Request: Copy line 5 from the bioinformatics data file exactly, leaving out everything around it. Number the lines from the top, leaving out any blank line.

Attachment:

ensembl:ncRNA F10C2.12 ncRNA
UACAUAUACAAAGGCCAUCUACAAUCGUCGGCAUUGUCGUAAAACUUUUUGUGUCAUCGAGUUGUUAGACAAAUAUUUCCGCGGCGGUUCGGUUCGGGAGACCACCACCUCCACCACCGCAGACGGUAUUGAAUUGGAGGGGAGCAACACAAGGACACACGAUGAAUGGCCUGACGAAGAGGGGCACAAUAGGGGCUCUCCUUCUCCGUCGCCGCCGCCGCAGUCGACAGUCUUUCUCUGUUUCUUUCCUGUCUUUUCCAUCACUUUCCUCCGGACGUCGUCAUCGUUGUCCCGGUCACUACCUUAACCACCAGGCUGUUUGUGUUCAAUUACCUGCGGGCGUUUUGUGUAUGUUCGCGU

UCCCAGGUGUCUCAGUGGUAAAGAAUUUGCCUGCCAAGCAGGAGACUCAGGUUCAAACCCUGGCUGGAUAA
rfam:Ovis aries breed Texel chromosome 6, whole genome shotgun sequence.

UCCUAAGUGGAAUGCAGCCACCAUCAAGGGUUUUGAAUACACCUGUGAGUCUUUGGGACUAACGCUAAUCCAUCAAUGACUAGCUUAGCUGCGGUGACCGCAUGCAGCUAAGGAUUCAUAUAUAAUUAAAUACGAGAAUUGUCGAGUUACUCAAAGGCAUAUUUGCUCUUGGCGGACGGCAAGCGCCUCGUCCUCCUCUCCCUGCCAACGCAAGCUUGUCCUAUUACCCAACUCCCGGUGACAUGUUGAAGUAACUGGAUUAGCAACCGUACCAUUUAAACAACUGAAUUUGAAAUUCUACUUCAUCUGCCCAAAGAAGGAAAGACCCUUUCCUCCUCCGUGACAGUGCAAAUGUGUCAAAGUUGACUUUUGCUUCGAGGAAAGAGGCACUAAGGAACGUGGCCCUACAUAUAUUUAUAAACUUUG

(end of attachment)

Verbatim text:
UCCUAAGUGGAAUGCAGCCACCAUCAAGGGUUUUGAAUACACCUGUGAGUCUUUGGGACUAACGCUAAUCCAUCAAUGACUAGCUUAGCUGCGGUGACCGCAUGCAGCUAAGGAUUCAUAUAUAAUUAAAUACGAGAAUUGUCGAGUUACUCAAAGGCAUAUUUGCUCUUGGCGGACGGCAAGCGCCUCGUCCUCCUCUCCCUGCCAACGCAAGCUUGUCCUAUUACCCAACUCCCGGUGACAUGUUGAAGUAACUGGAUUAGCAACCGUACCAUUUAAACAACUGAAUUUGAAAUUCUACUUCAUCUGCCCAAAGAAGGAAAGACCCUUUCCUCCUCCGUGACAGUGCAAAUGUGUCAAAGUUGACUUUUGCUUCGAGGAAAGAGGCACUAAGGAACGUGGCCCUACAUAUAUUUAUAAACUUUG